By Hobart Rowland
Posted June 25, 2016
Blues/folk misfit Bobby Long learns the art of compromise
“I love that record … I’m really proud of it.”
The album to which Bobby Long is referring isn’t the new Ode To Thinking, but 2013’s Wishbone, his second and final release for ATO. And the reason he’s talking about it, quite frankly, is because the guy interviewing him won’t shut up about it. “This is one of the most in-depth Wishbone interviews I’ve ever had—I was hoping for this kind of interview when it came out,” says Long with a chuckle. “It just shows you that, sometimes, things don’t stick.”
Wishbone’s swept-under-the-rug status was all the more perplexing given the strength of its songs—nearly every one an engaging marriage of the Englander’s competing passions for folk, blues and Britpop. If any album that year was equipped to bridge the divide between “September Gurls” and “The Thrill Is Gone,” Wishbone was it. So, is it any wonder that ATO didn’t quite know what to do with the thing?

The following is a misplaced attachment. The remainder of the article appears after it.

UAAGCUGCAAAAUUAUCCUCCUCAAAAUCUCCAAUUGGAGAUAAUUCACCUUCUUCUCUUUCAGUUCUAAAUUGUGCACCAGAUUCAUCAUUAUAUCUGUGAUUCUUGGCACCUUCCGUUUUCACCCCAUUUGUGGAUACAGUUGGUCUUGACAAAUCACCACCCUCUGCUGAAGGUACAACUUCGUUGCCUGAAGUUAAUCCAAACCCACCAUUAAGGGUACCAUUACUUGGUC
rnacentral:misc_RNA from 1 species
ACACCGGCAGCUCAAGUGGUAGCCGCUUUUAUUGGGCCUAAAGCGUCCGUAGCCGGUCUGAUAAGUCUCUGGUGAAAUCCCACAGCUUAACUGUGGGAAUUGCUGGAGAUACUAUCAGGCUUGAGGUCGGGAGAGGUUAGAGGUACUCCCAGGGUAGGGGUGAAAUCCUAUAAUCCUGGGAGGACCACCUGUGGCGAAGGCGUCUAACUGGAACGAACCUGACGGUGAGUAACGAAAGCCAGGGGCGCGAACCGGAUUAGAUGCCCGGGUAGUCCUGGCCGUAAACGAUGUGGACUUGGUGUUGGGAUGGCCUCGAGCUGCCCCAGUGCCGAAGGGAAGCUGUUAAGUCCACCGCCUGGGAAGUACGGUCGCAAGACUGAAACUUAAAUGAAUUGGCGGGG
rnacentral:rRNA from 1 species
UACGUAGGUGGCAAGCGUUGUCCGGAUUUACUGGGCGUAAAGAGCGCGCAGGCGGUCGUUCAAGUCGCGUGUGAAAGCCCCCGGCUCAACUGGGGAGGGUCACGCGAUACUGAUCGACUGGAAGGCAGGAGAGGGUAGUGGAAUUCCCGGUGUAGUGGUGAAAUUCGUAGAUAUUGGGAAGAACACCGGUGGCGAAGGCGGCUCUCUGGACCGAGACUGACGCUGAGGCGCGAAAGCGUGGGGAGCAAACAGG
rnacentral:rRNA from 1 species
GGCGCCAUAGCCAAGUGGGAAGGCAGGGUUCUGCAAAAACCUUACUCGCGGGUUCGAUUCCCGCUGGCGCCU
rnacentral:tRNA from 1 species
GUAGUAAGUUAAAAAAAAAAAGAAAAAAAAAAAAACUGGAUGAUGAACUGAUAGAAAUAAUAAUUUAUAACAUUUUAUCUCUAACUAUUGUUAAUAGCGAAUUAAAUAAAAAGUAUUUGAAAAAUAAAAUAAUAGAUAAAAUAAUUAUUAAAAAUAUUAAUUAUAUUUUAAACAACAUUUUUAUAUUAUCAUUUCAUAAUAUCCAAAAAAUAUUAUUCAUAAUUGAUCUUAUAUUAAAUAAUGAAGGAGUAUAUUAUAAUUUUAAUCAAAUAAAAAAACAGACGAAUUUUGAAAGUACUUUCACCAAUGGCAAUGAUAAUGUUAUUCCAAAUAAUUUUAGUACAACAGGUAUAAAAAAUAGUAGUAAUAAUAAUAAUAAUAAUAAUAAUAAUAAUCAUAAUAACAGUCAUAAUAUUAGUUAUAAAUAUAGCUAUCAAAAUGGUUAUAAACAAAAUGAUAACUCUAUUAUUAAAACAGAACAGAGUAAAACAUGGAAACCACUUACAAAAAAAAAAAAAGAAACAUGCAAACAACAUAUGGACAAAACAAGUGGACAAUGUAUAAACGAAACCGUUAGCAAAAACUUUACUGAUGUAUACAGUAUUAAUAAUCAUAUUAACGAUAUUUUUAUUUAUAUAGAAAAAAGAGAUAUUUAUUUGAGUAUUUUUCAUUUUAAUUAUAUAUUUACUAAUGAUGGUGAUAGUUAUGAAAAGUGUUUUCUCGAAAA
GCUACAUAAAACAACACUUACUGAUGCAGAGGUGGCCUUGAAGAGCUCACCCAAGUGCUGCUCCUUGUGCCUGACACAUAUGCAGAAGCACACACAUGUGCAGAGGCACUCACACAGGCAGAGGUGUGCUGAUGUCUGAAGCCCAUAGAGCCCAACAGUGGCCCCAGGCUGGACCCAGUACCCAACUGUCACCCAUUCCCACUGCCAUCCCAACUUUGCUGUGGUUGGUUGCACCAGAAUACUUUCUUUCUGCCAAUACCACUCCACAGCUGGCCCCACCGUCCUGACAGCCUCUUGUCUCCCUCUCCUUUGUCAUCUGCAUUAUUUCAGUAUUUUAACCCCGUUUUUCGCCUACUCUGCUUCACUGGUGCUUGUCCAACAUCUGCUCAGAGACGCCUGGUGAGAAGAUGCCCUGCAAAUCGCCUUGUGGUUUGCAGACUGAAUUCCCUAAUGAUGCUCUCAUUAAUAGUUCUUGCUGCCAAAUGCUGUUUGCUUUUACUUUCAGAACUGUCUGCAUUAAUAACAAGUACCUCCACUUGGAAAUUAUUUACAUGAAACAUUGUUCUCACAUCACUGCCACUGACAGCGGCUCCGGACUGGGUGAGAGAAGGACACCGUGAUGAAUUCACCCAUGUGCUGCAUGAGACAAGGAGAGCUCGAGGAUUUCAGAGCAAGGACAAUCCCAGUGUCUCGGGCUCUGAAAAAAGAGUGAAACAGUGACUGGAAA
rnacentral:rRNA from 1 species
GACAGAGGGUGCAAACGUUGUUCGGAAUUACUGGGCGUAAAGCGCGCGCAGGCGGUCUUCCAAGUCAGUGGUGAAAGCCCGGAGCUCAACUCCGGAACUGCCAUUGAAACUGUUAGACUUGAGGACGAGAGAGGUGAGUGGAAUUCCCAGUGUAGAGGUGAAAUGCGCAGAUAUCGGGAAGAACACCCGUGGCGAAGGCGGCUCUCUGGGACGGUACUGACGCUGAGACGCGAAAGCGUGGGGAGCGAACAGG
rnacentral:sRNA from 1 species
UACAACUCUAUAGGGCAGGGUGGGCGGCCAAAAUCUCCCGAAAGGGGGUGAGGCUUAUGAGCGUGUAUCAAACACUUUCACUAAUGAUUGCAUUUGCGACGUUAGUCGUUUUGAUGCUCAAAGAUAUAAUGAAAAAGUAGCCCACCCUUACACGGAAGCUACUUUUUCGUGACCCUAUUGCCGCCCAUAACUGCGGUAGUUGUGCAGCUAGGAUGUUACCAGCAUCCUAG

“I don’t want to be one of those people who slags off their old label—there were some really lovely people there,” says Long, who’s now settled in Beacon, N.Y. “I was instantly put in the singer/songwriter bracket, so I was kind of rebelling a bit. I remember playing a song for the people in my camp early on, and one said it reminded him of Coldplay. I was like, ‘Well, isn’t that a good thing? They sell a shit-ton of records.’”
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